Tips for Teaching Online – The Tech Edvocate

The first and most essential thing to do is choose and implement a learning management system (LMS) allowing learners and parents to provide home schooling. This could be a district-provided LMS such as Canvas, Google Classrooms, Blackboard, Moodle, or a classroom website created by yourself.

You must maintain a single digital platform where you can update all information for your learners and parents. Updates may include critical information such as the week’s homework schedule, instructions for completing and submitting assignments, reminders, educator contact and availability, and more.

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Create a Routine

The distance learning system is different from an actual school system. Educators should set up an appropriate daily schedule/routine and keep learners informed about it to avoid confusion among learners. Whether the schedule is entirely academic or just an interaction, it should be clear when teacher and learners should be connected. Having an appropriate daily schedule is necessary, especially for families who have more than one child and share a device. Most schools select two check-in times, a morning meeting and an afternoon check-in, allowing families to organize the home school schedule.

Prepare your lessons

Since learners are at home, maintaining discipline is a big challenge for them. Many will struggle to cope with routine; some will be late; others will miss class check-in time all together. Therefore, it is essential to have a good lesson plan prepared well in advance. Educators should ensure that the curriculum or study material is clearly up to date before the course begins. This will help learners understand what they are going to learn, keep them informed of all the necessary material and help them take a more serious interest in their learning.

Record your lessons

Recording lessons and sharing them with learners is one of the easiest ways for any educator to teach learners from home. Educators can record a video of themselves giving a lesson and then share it with learners via URL or email attachment. A recorded lesson creates the opportunity to maintain the “presence” of the educator and engage learners as if they were in the classroom. Additionally, learners can play the video repeatedly to understand the concept or review the lessons taught.

Some options and tools for recording lesson plans include voice-over and recording functions in multimedia presentation software, screens and video recording tools such as Loom, Screencast-o-Matic, recording in web conferencing applications such as Adobe Connect or Zoom, smartphone video, or recording from a computer webcam.

Create lively discussions

Of course, an online classroom is different from a conventional classroom. Unlike conventional classrooms, the online classroom lacks physical interaction and direct communication between educator and learners. Thus, educators must initiate discussions so that learners participate in the teaching and learning process. This can greatly affect how learners feel in the classroom. Educators should encourage participation, as they would in a conventional classroom. This promotes learner involvement and makes learning more interesting.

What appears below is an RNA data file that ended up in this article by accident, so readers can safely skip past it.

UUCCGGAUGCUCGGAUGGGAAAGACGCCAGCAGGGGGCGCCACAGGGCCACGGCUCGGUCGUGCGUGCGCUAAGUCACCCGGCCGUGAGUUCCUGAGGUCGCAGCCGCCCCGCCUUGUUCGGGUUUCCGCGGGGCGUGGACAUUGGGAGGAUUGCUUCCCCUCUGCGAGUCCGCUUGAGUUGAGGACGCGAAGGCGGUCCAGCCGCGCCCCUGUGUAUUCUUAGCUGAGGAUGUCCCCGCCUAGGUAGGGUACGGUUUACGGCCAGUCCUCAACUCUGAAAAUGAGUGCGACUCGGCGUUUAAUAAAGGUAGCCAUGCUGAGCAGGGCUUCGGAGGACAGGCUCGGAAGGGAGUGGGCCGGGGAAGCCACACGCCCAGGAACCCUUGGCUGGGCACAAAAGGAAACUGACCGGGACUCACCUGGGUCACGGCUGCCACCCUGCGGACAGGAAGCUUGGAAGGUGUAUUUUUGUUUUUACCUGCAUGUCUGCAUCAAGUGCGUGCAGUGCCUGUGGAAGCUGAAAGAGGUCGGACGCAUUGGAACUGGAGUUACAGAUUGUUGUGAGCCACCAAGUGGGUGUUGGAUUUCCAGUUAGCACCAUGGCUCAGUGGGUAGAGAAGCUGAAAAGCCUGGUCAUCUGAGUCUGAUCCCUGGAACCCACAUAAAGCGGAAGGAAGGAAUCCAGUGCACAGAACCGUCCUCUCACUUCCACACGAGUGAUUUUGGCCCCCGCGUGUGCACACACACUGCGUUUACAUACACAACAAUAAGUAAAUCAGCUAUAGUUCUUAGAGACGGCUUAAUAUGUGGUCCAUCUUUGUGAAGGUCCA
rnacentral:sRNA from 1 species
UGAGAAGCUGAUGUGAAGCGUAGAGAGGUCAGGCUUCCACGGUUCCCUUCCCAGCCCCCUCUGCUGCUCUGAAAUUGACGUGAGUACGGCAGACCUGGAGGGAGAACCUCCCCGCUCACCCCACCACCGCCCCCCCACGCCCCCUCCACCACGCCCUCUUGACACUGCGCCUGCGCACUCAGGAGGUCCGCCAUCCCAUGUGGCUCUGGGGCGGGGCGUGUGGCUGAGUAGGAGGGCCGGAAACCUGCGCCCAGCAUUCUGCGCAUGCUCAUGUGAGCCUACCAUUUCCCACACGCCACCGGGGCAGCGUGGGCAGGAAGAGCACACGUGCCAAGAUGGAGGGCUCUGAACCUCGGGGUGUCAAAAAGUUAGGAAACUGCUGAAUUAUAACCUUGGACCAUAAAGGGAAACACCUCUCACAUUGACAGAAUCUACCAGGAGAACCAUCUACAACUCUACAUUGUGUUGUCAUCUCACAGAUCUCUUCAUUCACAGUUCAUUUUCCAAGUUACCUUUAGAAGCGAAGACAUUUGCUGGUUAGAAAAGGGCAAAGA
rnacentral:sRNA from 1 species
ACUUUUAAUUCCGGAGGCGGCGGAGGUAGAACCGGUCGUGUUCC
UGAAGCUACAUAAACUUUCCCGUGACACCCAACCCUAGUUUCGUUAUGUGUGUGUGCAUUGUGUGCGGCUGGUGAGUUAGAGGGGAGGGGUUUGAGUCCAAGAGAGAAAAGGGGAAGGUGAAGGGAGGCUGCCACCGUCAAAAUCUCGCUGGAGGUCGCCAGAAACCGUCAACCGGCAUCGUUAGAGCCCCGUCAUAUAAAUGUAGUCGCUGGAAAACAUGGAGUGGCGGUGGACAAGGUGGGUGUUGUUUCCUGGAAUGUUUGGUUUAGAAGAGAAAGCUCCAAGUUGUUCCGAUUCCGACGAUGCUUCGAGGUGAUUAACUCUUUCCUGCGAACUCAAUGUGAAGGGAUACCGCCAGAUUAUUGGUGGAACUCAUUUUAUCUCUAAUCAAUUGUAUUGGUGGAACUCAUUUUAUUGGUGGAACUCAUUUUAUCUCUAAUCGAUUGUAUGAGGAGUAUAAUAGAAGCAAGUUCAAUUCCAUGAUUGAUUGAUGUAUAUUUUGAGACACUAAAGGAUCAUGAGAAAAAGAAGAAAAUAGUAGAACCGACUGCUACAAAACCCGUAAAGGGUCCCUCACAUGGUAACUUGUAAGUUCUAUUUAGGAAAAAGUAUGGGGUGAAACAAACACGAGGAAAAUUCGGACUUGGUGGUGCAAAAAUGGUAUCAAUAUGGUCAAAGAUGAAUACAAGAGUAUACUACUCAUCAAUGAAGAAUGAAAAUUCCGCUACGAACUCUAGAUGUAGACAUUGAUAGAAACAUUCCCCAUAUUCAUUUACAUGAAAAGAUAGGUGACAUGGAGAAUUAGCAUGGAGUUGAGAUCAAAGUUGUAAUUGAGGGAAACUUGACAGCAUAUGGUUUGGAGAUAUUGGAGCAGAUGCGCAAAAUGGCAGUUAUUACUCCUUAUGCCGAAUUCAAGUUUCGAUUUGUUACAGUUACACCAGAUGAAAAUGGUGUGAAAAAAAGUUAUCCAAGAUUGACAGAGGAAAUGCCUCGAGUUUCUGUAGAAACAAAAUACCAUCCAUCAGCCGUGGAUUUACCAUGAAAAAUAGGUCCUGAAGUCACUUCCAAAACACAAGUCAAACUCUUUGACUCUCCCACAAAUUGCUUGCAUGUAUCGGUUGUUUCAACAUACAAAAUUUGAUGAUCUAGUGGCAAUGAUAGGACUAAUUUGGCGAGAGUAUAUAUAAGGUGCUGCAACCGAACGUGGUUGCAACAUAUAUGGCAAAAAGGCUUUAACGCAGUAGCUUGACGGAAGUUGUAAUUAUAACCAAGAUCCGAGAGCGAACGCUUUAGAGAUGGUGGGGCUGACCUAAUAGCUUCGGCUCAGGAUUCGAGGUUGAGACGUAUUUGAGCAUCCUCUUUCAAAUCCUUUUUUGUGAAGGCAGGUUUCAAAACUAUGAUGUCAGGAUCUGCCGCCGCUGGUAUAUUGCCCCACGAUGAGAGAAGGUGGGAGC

Give students personalized feedback

Most learners need extra support or help from educators, either because they are slow learners or because they have certain learning problems. In conventional classrooms, learners can directly ask questions of educators to clear up confusion or to help them understand the concept. However, learners may find it impossible or complicated to ask questions in a distance learning system. In such cases, educators can call learners who need additional support and provide personalized and targeted instruction over the phone or via web conferencing. They can ask learners to provide information such as which method they find easy to learn, which activities help them understand better, their learning interests and preferences, and which topic they find most difficult.

Educators can also ask learners content-based questions to assess their understanding of lessons, solve problems, or reason with the learner to understand their issues and plan the next lesson more effectively.

Provide students with enrichment opportunities

Intense learning for long hours causes learners to lose interest or enthusiasm for learning. To keep them engaged, educators can provide some enriching virtual opportunities or activities like puzzles, games, STEM experiences, etc. They can also encourage learners to move around and be active. To provide such opportunities, educators can refer to platforms such as Enchanted Learning, World Book for Children, Brainpop, Everyday Mysteries, GoNoodle, and STEM Bob.

Evaluate your performance and that of your students

Educators can send assessments to learners via an email attachment for them to be completed and emailed back. To collect feedback, they can use online assessment tools such as Google Forms, Kahoot and Quizlet. Educators can also provide self-assessment opportunities for learners by asking them to reflect on their learning and academic performance, set goals, and create action plans.

Final Thoughts

The sudden transition from conventional education to online education is difficult, especially for conventional educators. I hope the tips above will help most educators master this new normal.

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